Recently a friend told me how her mother used to order one new outfit per season, complete with all accessories such as gloves, stockings and handbag, and once fabrics and styles had been carefully chosen, the outfit would be made to measure by a local seamstress and worn throughout the season. Being a bespoke and carefully considered purchase, it was far less likely you might bump into someone else wearing the same outfit, nor would it be bought in a fit of impulse only to languish, unworn, at the back of the wardrobe. But such a cottage industry production model wasn’t economically sustainable in the long-term for the growing population of fashion consumers. Fast forward to today’s efficient mass production model, with vertical disintegration and outsourcing of manufacture to unknown people in faraway factories, and we are now very much removed from the process of our clothes being made. With mass production and fast fashion, we have certainly gained a number of benefits including the democratisation of fashion, endless product variety, cost efficiencies and the ease of buying off the peg from a myriad of retail channels, but have we lost some appreciation of our clothes along the way? We buy more items but discard them more quickly than ever before – it can even be cheaper to buy a new item than it is to launder an existing one – which contributes to the environmental problems of increasing textile waste and resource depletion.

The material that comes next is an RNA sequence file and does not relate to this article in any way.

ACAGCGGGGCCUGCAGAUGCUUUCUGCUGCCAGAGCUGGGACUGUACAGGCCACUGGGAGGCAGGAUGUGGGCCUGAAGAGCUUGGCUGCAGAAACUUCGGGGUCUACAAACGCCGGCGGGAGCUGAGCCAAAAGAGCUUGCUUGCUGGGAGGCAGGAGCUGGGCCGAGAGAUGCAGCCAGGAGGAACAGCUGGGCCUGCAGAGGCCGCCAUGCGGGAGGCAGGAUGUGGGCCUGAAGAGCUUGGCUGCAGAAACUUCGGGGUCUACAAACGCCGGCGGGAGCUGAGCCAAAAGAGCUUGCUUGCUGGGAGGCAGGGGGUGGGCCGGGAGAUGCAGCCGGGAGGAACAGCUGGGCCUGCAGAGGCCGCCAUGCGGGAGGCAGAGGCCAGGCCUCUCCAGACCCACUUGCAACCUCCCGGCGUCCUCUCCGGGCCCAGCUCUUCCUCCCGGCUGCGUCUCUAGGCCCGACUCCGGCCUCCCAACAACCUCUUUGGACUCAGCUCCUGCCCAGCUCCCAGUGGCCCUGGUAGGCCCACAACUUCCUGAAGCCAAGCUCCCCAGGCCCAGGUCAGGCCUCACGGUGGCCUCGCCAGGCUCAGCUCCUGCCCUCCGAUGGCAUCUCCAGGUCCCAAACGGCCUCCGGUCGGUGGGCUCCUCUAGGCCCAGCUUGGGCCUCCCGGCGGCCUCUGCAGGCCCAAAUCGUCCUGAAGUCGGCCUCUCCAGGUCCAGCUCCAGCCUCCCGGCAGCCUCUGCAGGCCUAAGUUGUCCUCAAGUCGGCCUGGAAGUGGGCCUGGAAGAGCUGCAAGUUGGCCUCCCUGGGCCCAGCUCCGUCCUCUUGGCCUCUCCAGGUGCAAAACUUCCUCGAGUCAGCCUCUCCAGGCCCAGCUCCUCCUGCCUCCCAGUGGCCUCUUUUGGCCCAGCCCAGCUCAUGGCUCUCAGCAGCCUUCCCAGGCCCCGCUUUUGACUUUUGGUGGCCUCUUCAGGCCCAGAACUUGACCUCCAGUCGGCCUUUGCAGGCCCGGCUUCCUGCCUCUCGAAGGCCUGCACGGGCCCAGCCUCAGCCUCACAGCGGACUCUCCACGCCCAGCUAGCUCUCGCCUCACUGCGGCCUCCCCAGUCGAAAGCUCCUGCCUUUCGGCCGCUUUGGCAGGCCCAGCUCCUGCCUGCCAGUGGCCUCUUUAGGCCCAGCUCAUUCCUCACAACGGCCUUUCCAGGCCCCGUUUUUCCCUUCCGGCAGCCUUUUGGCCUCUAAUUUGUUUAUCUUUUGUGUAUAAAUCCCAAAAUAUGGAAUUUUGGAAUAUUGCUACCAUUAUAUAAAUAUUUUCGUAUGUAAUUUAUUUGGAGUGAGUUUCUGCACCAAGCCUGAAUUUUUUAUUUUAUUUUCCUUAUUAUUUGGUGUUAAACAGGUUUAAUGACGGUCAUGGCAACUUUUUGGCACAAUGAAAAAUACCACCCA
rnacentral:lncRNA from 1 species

Addressing these challenges requires multi-stakeholder action plans. But as consumers, how can we reconnect with our clothes and thus limit the negative effects of our fashion consumption? Could we stop buying so much and try to buy fewer pieces that we really love to wear? Some high street retailers seem to be encouraging this, such as Jigsaw with their ‘For Life not Landfill’ modern classics campaign which creates the perfect antidote to the endless trends and throwaway fast fashion culture, and Levi’s with their Tailor Shop, for customising denim or for giving a new lease of life to a much-loved existing Levi’s product. The Fashion Revolution #whomademyclothes social media campaign also encourages us to stop, reflect and try to reconnect with the people that make our clothes.
The Life Story of your T-shirt
This blog was written as part of an online event run by The Institute for Social Marketing as part of the Festival of Social Science week (7th-14th November 2015).